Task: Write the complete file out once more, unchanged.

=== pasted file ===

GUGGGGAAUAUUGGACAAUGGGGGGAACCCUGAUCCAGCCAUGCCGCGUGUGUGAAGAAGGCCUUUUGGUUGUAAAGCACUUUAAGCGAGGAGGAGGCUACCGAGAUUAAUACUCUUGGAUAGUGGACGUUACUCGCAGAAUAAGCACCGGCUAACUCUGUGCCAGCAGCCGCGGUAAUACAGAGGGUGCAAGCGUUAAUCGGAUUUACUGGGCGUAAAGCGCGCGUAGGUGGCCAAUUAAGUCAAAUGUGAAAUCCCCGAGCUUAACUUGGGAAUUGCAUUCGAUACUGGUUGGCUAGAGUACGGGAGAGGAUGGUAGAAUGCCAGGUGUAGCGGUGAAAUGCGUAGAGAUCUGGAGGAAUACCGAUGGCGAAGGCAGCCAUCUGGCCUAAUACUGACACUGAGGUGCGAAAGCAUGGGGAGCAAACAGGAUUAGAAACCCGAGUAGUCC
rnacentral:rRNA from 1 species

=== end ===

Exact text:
GUGGGGAAUAUUGGACAAUGGGGGGAACCCUGAUCCAGCCAUGCCGCGUGUGUGAAGAAGGCCUUUUGGUUGUAAAGCACUUUAAGCGAGGAGGAGGCUACCGAGAUUAAUACUCUUGGAUAGUGGACGUUACUCGCAGAAUAAGCACCGGCUAACUCUGUGCCAGCAGCCGCGGUAAUACAGAGGGUGCAAGCGUUAAUCGGAUUUACUGGGCGUAAAGCGCGCGUAGGUGGCCAAUUAAGUCAAAUGUGAAAUCCCCGAGCUUAACUUGGGAAUUGCAUUCGAUACUGGUUGGCUAGAGUACGGGAGAGGAUGGUAGAAUGCCAGGUGUAGCGGUGAAAUGCGUAGAGAUCUGGAGGAAUACCGAUGGCGAAGGCAGCCAUCUGGCCUAAUACUGACACUGAGGUGCGAAAGCAUGGGGAGCAAACAGGAUUAGAAACCCGAGUAGUCC
rnacentral:rRNA from 1 species